'The Sympathizer' review: Genre blender with a bloody bow on top


'What is it with you – Captains and (ahem) civil wars seem to follow you everywhere.' Photos: Handout

Somewhere around its halfway mark, HBO's 1970s-set limited series The Sympathizer brought memories of Tropic Thunder flooding back – all while its protagonist undergoes trials highly reminiscent of that hazy, crazy journey into the heart of darkness, Apocalypse Now.

That's all very intentional, given that the celebrated Pulitzer Prize-winning source novel by Viet Thanh Nguyen is a blend of genres from political satire to dark comedy to spy thriller.

This adaptation, courtesy of Park Chan-wook (Oldboy) and Canadian actor-director-writer Don McKellar, is no less a mash-up – and one that works just as well, too.

Framed as the "confession" of a mixed-race North Vietnamese spy implanted in South Vietnam's secret police during the Vietnam War (which, we are reminded, is called the American War in Vietnam), it is thought-provoking viewing laced with gallows humour, bursts of violence, cultural clashes and occasionally, repulsive revelations.

You will seldom see a more exquisitely framed and shot murder scene. And from an unrelated disclosure, you'll also never look at squid the same way again.

'Someone said open bar, so we signed right up.''Someone said open bar, so we signed right up.'

We follow the abovementioned spy, the Captain (Hoa Xuande, Hungry Ghosts, Cowboy Bebop), from the fall of Saigon in 1975 to resettlement in the United States, during which he continues to spy on the refugee community there.

And for good reason: his former superior from the South, the General (Toan Le), is unable to accept his homeland being in the hands of the communists and plans a return.

Between spying and doing the General's dirty work, Cap tries his best to integrate into American society to keep his cover intact; begins an affair with his Japanese-American colleague Sofia (Sandra Oh); and winds up as a consultant on a big Hollywood film (Harold and Mulder alert!).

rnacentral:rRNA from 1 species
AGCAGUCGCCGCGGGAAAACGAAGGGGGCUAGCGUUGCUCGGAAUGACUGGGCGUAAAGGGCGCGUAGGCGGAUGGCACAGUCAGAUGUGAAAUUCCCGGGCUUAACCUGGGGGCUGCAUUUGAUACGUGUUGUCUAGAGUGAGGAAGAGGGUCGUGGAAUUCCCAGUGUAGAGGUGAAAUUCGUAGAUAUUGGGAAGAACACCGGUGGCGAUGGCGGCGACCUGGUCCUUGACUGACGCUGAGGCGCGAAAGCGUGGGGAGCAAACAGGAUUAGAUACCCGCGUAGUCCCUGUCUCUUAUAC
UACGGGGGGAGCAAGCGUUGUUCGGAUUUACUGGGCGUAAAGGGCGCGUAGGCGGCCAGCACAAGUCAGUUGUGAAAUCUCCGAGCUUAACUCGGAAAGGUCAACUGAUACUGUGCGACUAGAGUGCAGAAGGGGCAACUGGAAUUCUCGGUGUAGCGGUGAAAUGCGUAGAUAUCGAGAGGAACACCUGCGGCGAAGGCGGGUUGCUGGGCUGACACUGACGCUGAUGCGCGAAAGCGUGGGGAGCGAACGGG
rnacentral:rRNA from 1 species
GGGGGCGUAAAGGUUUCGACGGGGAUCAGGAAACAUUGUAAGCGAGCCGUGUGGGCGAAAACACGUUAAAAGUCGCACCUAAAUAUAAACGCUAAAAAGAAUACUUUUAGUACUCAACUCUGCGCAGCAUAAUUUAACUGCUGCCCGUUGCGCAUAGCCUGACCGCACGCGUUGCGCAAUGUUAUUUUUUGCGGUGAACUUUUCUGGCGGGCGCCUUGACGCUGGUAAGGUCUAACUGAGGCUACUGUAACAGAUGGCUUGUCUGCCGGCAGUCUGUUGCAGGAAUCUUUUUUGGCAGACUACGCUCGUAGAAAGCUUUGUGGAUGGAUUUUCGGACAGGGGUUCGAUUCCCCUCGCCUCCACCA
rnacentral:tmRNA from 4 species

He also encounters various types of Americans, mostly in the form of Robert Downey, Jr. The freshly-minted Oscar winner plays four roles here, adopting different hairstyles, mannerisms and worldviews as well as (reportedly) frequent improvisation to show us a cross-section of America as seen through the Captain's eyes.

Seeing RDJ popping up all over the place might throw less focused viewers off their stride, more so in one totally bonkers moment when all his incarnations share a table with the protagonist.

The intention, apparently, is to show how "the divisions of the American establishment are intertwined and in collusion" (Park and McKellar's words). It's to the showrunners and the actor's credit that this isn't too hard to follow and fathom, though rapt attention is required.

RDJ's various screen personas, mile markers of sorts on the main character's journey, would not be as significant or effective without a terrific performance by Hoa, who navigates Cap's political, moral, amorous and existential dilemmas with aplomb.

'It's such a relief to just play the guitar and be a free spirit here, after all those years of surgery and dodging obsessive assassins.''It's such a relief to just play the guitar and be a free spirit here, after all those years of surgery and dodging obsessive assassins.'

The Captain's saga truly is a trip into darkness, as the loyalties he develops while "embedded" lead him to question his mission, yet fill him with revulsion over the moral compromises he is forced to make. You can fairly feel the self-doubt emanating off the screen even through Hoa's smile or straight face, forced as they often need to be.

Even if the Vietnam/American War has been milked dry by Hollywood, The Sympathizer succeeds on the basis of savvy storytelling and themes of identity and loyalty that resonate strongly even now, in an age of displacement, exploitation, mistrust and human disconnect.

All in, a refreshing change from typical fare even if it may be too dark and unsettling in places for binge viewing. And, while this is billed as a (seven-episode) limited series, do note that the novel has a sequel. So, don't write off the Captain's story as one-and-done just yet.


New episodes of The Sympathizer arrive on HBO every Monday.

8 10

Summary:

Not half of anything, but twice of everything

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